When Credit Bites Back: Leverage, Business Cycles, and Crises

42 Pages Posted: 24 Nov 2011  

Òscar Jordà

Federal Reserve Banks - Federal Reserve Bank of San Francisco

Moritz Schularick

Free University of Berlin (FUB)

Alan M. Taylor

University of California, Davis - Department of Economics; University of Virginia - Department of Economics; National Bureau of Economic Research (NBER); Centre for Economic Policy Research (CEPR)

Date Written: November 2011

Abstract

This paper studies the role of credit in the business cycle, with a focus on private credit overhang. Based on a study of the universe of over 200 recession episodes in 14 advanced countries between 1870 and 2008, we document two key facts of the modern business cycle: financial-crisis recessions are more costly than normal recessions in terms of lost output; and for both types of recession, more credit-intensive expansions tend to be followed by deeper recessions and slower recoveries. In additional to unconditional analysis, we use local projection methods to condition on a broad set of macroeconomic controls and their lags. Then we study how past credit accumulation impacts the behavior of not only output but also other key macroeconomic variables such as investment, lending, interest rates, and inflation. The facts that we uncover lend support to the idea that financial factors play an important role in the modern business cycle.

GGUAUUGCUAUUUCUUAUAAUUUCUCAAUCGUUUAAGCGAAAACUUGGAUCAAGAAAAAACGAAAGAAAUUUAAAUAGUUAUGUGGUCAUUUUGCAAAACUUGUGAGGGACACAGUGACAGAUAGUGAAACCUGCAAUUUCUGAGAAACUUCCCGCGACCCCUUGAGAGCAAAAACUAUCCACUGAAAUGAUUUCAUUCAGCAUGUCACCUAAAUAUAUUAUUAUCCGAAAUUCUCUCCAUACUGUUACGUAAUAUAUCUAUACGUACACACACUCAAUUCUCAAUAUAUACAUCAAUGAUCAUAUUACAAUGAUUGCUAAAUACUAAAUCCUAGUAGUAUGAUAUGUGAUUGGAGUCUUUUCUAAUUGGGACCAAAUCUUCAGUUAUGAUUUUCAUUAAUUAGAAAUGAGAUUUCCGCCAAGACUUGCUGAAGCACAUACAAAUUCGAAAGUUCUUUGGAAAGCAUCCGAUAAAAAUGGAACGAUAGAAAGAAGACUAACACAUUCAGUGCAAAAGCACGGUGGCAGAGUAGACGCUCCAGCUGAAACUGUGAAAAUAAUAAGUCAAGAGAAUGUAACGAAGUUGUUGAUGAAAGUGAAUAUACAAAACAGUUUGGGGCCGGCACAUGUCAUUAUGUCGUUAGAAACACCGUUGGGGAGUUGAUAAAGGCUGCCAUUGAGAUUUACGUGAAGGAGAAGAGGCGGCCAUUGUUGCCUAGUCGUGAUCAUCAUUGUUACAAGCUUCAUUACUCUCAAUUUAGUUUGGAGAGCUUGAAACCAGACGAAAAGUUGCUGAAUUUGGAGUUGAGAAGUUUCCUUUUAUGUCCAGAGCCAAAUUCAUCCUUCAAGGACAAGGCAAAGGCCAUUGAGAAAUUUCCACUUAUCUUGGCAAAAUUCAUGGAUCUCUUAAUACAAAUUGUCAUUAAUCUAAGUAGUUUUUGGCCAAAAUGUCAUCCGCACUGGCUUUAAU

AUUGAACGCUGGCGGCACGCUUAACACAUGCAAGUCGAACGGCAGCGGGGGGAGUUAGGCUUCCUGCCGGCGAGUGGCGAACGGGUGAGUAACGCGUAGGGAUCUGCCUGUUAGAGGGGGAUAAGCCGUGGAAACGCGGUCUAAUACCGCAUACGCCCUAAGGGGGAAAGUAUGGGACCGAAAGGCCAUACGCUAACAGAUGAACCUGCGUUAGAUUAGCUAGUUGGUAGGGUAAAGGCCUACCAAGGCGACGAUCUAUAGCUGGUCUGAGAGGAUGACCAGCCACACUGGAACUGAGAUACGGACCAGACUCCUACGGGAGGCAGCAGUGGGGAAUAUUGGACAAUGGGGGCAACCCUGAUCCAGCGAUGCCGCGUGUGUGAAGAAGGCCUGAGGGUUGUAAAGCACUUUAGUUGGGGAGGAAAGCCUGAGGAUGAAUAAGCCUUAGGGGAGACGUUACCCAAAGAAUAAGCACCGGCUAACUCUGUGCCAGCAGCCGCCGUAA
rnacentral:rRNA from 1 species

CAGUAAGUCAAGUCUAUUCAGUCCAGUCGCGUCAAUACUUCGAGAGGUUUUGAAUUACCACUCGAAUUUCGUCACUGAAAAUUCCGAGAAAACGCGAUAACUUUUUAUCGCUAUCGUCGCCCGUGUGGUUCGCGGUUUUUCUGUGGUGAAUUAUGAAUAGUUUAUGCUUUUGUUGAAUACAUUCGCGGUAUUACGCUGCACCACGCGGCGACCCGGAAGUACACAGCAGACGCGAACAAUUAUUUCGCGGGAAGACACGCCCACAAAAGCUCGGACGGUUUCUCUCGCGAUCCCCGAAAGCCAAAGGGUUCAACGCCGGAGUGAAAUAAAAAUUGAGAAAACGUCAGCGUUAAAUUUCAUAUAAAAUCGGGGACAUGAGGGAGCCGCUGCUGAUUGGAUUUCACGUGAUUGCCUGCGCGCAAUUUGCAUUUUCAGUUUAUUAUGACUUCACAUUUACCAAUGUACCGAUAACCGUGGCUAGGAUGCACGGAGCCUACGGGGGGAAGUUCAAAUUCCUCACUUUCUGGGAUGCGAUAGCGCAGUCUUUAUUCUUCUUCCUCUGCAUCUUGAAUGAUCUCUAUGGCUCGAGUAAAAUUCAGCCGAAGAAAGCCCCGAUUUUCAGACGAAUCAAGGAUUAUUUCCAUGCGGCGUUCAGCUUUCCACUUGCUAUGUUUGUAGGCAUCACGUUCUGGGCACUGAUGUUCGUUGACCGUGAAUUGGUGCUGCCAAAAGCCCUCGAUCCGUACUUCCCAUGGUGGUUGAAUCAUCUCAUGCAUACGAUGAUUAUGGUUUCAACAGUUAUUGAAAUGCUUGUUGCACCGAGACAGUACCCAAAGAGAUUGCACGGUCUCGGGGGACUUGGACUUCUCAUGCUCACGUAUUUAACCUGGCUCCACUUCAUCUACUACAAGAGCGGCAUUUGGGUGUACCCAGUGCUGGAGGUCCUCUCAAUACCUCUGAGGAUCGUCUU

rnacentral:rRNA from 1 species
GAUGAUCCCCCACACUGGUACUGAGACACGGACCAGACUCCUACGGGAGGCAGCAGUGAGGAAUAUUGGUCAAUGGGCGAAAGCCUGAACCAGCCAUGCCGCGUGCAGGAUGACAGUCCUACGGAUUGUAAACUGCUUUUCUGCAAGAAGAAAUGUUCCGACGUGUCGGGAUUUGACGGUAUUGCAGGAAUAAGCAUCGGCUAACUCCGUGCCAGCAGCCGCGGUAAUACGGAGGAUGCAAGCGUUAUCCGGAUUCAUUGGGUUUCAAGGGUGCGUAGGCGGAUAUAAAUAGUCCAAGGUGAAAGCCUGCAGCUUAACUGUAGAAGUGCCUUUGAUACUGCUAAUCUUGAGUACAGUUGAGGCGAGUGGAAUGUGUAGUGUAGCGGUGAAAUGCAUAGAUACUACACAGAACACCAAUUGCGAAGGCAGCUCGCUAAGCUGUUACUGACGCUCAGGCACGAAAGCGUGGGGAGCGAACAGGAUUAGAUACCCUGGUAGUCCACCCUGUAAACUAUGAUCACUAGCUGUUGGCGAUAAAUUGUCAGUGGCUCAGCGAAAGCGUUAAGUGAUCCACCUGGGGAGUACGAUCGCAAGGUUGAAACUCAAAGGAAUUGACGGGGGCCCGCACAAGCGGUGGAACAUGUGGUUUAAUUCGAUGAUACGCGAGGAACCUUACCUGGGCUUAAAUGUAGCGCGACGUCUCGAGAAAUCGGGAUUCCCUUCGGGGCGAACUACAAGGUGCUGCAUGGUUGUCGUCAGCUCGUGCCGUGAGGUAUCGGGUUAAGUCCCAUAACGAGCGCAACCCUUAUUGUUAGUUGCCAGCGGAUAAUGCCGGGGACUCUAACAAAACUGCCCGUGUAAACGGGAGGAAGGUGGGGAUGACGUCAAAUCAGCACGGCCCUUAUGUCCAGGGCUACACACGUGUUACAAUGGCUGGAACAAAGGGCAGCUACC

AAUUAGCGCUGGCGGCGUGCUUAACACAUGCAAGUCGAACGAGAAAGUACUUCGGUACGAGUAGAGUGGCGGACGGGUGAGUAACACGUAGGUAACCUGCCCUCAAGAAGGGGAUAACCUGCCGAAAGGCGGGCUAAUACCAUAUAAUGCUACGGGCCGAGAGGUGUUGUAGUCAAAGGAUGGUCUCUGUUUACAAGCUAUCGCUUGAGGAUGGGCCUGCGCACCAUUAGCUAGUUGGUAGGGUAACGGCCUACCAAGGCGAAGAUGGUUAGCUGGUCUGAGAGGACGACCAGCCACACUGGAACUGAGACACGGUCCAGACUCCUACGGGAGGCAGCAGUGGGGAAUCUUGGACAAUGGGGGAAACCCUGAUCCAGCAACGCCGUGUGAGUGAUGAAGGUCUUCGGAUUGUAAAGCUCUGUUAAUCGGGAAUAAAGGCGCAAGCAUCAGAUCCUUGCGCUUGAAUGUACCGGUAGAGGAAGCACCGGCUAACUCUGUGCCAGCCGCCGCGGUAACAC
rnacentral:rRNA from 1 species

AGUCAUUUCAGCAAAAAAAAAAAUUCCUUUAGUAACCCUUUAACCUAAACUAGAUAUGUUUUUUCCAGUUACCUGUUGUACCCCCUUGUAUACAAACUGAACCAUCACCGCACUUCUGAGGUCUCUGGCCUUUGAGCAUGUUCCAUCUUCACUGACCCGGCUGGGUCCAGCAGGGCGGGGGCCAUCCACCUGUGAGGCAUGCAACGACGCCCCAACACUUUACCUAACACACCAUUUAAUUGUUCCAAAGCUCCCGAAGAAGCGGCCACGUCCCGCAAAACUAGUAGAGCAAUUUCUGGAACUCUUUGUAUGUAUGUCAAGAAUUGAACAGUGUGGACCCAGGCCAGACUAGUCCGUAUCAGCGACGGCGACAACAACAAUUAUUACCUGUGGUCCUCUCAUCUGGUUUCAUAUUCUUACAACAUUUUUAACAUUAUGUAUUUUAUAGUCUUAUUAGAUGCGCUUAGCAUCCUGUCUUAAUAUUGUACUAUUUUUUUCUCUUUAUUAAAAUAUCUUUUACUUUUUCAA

Suggested Citation

Jordà, Òscar and Schularick, Moritz and Taylor, Alan M., When Credit Bites Back: Leverage, Business Cycles, and Crises (November 2011). NBER Working Paper No. w17621. Available at SSRN: https://ssrn.com/abstract=1964166

Òscar Jordà (Contact Author)

Federal Reserve Banks - Federal Reserve Bank of San Francisco ( email )

Moritz Schularick

Free University of Berlin (FUB) ( email )

Lansstr. 7-9
Berlin 14195, 14195
Germany

Alan M. Taylor

University of California, Davis - Department of Economics ( email )

One Shields Drive
Davis, CA 95616-8578
United States
530-752-1572 (Phone)
530-752-9382 (Fax)

HOME PAGE: http://www.econ.ucdavis.edu/faculty/amtaylor/

University of Virginia - Department of Economics ( email )

P.O. Box 400182
Charlottesville, VA 22904-4182
United States
(434)-924-3177 (Phone)
(434)-982-2904 (Fax)

HOME PAGE: http://people.virginia.edu/~amt7u

National Bureau of Economic Research (NBER)

1050 Massachusetts Avenue
Cambridge, MA 02138
United States

HOME PAGE: http://nber.org

Centre for Economic Policy Research (CEPR)

77 Bastwick Street
London, EC1V 3PZ
United Kingdom

HOME PAGE: http://cepr.org

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